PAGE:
A new discussion topic is announced on the dedicated blog (LrnBk Chat) giving details of the book to be read. An agreed number of chapters was agreed at 2 being manageable and series of dates are listed for each. On the morning of each discussion period, a series of questions are published on the blog to consider when reading the set chapters. The conversation starts and so it continues.

So people can follow the conversation, a dedicated hashtag is used – in this case #lrnbkpull for the latest topic being discussed.

Although the conversation is designed to be carried out on Twitter, Jane decides to use Hootcourse (“an online classroom …instead of cumbersome forums or complicated lesson-plan formats, HootCourse uses a combination of the most popular social networks and blogging platforms to provide a new type of online classroom”). Hootcourse allows bookworms to sign in using their Twitter or Facebook account.  Hootcourse can post comments publicly to Twitter or kept private but I’ll go into this another time.

‘It’s a book club, Jim, but not as we know it!’

It just goes to show that with a little creative thinking and shaking off of those blinkers which are narrowing our views and create some really engaging alternative activities to be run online.

So what if you can’t use Twitter or Facebook? What if your organisation blocks these sites. Well, let’s see what you have already that can be used just as effectively. Take a look at the online tools you currently have in your organisation for communication. They may not be used for learning at the moment but we can always high-jack them. We did it with PowerPoint after all.

You may well have a VLE/LMS (virtual learning environment/learning management system) such as Moodle to run your online courses. These provide communication tools in one place including forums and blogs as well as a live chat facility that could be used along the same lines as Twitter. So, for instance, you could create your own book club (or work on a case study in stages) and arrange a time to meet for the live chat or just continue using an asynchronous discussion if this is more appropriate.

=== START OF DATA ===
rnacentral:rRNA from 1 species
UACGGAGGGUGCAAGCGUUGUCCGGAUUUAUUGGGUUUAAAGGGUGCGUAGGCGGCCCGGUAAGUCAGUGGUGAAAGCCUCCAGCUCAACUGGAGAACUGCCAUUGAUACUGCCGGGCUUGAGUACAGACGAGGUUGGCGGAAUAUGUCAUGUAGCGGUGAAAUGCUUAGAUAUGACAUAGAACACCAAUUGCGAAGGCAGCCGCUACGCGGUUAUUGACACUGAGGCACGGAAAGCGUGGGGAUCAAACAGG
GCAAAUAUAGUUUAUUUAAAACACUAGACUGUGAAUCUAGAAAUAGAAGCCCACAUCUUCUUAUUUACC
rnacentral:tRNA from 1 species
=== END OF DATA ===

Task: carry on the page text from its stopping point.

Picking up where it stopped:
What creative ideas can you think of?

Blended Learning, Online learning

The blended learning myth: eLearning plus classroom!

Image by Aline Ponce from Pixabay

I recently had a conversation with someone who was interested in designing more engaging eLearning but they weren’t sure where to start when deciding which of the suite of training programmes to sign up for. During the conversation I mentioned that it would also benefit him to consider looking into blended learning which would give him more of an idea how eLearning (as he interpreted e-learning i.e. self study modules) could be considered working as part of a blended solution. At the time he was adamant he wasn’t at all interested in blended learning because he wouldn’t be involved in designing or delivering classroom courses.

I hear a similar response from others on my programmes when asked the question “what do you think blended learning is?” The definitions from my students from a classroom design/delivery background are along the lines of “a mix of eLearning and classroom” mainly describing the eLearning as the ‘pre-course work’ in preparation for classroom events.
I have been running programmes on blended learning for a number of years and although there are more people attending with a less blinkered view, there are still so many under this impression given the plethora of resources out there extolling the virtues of various online options.

This then reminded me of another conversation I had some months back after a presentation I co-delivered on how learning is changing. This person mentioned he had already attended a course on blended learning and as a result, he didn’t think blended learning was appropriate at that time. After a little investigation into why he thought that way, it turned out that this particular company stipulated that a blended learning solution wasn’t a true blended solution unless it included eLearning. Now I only had this person’s side of the story but it didn’t surprise me as the company providing the course was an eLearning provider.

No wonder learning and development professionals are confused and skeptical about considering blended learning as a solution. Until we know what blended learning really is, how can we consider it as an appropriate solution? So if eLearning plus classroom isn’t blended learning, what is….?

I’ll leave that for another day.  In the meantime, what are your thoughts?